In the 135 days since signing a peace agreement with the Taliban, the U.S. has withdrawn around 4,000 troops deployed to Afghanistan, bringing the total deployed troops below 8,600. At the same time, the U.S. turned over five of its bases to Afghan government forces.
The initial terms of the peace agreement with the Taliban called for a reduction of troops from around 13,000 in February, down to around 8,600 by the early part of the summer. Pentagon Spokesperson Jonathan Hoffman confirmed in a statement to American Military News late Tuesday that the U.S. met the troop reduction plan by July 13.
“July 13, 2020 marks 135 days since the signing of the U.S.-Taliban Agreement on February 29, 2020. As stipulated in the agreement, the United States agreed to reduce its forces in Afghanistan to 8,600 and withdraw from five bases. We have met this obligation,” Hoffman said. “U.S. forces in Afghanistan remain in the mid-8,000s and five bases formerly occupied by U.S. forces have been transferred to our Afghan partners.”
The Pentagon indicated near the start of the troop reduction, that once troop levels reach the 8,600 mark, military officials would pause the reduction and assess the conditions of the Taliban peace agreement. The initial assessment was that, if peace conditions hold, the total troop reduction would take around 14 months to complete.
Now that U.S. troops have been drawn down, the Pentagon indicated the U.S. military presence in Afghanistan will focus on maintaining military capabilities, rather than specific troop numbers.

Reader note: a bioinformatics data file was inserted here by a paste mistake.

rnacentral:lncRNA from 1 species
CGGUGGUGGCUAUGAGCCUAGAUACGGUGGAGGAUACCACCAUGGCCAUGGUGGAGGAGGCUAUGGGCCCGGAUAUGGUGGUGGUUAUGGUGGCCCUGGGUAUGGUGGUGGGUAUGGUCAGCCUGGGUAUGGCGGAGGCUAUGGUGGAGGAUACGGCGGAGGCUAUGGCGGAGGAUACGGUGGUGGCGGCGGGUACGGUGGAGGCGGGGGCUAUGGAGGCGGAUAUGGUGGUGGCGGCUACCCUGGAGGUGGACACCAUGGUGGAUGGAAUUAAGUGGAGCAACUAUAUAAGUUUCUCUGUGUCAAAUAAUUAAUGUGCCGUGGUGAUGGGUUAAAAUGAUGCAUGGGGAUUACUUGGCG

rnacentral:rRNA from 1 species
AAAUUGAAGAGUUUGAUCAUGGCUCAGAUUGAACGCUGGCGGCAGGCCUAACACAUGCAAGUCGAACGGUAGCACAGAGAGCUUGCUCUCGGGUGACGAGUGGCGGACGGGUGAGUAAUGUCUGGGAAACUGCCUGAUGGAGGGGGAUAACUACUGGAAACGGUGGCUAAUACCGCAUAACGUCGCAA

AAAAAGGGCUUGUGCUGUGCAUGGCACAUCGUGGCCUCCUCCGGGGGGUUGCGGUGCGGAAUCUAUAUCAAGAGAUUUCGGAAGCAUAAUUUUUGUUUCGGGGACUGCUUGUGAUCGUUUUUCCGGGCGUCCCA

“We maintain the capabilities and authorities necessary to protect ourselves, our Allies and partners, and US national interests,” the Pentagon statement read. “We will continue to execute our counterterrorism mission while simultaneously supporting the 38-nation NATO Resolute Support Train, Advise, Assist mission and Afghan National Defense and Security Forces (ANDSF) as they work to secure peace in the country.”
The peace agreement and U.S. troop withdrawal was also meant to coincide with peace negotiations within Afghanistan between the Taliban and the Afghan government. That intra-Afghan peace process has seen prisoner exchanges between the two sides, but Taliban fighters have continued to attack Afghan government forces in recent months.
The U.S. has also carried out defensive strikes to deter Taliban attacks on Afghan government positions.
The Taliban peace agreement may also be undermined by new allegations that have emerged that Russian intelligence services had funneled money to the Taliban in the form of bounty payments for its militants to attack and kill U.S. troops. Since those allegations arose, many U.S. intelligence officials have questioned the underlying intelligence claim but have announced new efforts to investigate the claims and see if they can corroborate them. Chairman of the Joint Chiefs of Staff Gen. Mark Milley vowed the U.S. would respond if the intelligence officials find the claims to be accurate.